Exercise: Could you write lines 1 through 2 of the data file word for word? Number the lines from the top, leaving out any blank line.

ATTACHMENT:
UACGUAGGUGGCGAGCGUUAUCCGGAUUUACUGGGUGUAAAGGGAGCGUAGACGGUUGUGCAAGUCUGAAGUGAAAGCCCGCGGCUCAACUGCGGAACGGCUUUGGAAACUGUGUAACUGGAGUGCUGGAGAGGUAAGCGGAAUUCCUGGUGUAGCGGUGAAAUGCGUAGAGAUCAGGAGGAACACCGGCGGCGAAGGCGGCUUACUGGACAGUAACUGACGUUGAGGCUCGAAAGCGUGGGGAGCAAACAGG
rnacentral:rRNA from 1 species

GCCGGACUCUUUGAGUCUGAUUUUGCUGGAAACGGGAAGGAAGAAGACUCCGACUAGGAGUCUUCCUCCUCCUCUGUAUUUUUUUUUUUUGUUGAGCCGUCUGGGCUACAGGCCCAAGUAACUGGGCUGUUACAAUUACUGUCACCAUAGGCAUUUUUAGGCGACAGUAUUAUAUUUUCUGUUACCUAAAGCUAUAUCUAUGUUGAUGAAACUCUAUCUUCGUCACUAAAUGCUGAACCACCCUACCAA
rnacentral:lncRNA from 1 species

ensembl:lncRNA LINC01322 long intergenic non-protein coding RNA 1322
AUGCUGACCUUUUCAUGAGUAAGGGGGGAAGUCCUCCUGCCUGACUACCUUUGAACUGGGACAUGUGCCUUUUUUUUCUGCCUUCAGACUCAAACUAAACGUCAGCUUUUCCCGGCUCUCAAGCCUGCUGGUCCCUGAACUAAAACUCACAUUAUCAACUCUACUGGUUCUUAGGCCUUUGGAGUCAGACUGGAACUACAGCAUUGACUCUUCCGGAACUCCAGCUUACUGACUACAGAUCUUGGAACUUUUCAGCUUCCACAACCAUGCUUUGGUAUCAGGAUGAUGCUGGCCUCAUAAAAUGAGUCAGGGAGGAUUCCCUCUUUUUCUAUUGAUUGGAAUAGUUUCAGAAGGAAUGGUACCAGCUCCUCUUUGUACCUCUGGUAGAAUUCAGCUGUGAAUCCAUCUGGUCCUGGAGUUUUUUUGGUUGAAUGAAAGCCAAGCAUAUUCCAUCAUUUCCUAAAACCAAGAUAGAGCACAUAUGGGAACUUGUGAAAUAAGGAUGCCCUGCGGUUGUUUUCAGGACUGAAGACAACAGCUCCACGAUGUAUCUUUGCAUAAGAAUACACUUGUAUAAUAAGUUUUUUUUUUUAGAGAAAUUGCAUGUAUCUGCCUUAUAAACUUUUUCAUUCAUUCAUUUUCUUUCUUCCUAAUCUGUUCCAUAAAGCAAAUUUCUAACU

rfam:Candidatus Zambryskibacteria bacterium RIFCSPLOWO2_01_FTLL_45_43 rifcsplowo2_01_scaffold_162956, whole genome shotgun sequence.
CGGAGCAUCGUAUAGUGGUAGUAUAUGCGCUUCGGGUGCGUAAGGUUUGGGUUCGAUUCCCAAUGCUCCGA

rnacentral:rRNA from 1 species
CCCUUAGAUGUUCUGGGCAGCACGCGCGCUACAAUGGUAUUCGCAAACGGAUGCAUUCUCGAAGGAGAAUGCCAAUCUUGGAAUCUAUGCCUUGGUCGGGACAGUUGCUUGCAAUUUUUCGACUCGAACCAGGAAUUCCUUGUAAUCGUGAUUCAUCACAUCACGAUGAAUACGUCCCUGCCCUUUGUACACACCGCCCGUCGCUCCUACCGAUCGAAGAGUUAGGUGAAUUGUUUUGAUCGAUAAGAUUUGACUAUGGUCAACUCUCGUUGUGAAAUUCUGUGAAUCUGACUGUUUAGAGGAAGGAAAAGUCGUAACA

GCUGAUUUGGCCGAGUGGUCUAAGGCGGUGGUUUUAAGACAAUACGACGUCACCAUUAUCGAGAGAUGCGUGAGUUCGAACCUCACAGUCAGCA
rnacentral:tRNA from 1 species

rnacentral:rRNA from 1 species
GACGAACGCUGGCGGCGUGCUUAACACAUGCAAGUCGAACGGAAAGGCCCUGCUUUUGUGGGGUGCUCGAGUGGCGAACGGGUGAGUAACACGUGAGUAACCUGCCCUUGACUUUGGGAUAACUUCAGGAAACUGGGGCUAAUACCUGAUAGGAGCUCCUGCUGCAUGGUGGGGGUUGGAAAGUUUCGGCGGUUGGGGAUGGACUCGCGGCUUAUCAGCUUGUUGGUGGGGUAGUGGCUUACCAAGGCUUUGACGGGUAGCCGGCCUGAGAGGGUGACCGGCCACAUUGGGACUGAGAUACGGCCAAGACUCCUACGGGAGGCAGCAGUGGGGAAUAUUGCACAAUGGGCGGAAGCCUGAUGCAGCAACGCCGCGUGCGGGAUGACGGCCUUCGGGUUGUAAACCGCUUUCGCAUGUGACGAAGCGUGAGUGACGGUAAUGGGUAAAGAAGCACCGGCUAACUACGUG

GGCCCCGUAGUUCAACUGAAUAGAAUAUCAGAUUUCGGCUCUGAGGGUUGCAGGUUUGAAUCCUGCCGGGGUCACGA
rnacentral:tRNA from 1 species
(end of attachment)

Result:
UACGUAGGUGGCGAGCGUUAUCCGGAUUUACUGGGUGUAAAGGGAGCGUAGACGGUUGUGCAAGUCUGAAGUGAAAGCCCGCGGCUCAACUGCGGAACGGCUUUGGAAACUGUGUAACUGGAGUGCUGGAGAGGUAAGCGGAAUUCCUGGUGUAGCGGUGAAAUGCGUAGAGAUCAGGAGGAACACCGGCGGCGAAGGCGGCUUACUGGACAGUAACUGACGUUGAGGCUCGAAAGCGUGGGGAGCAAACAGG
rnacentral:rRNA from 1 species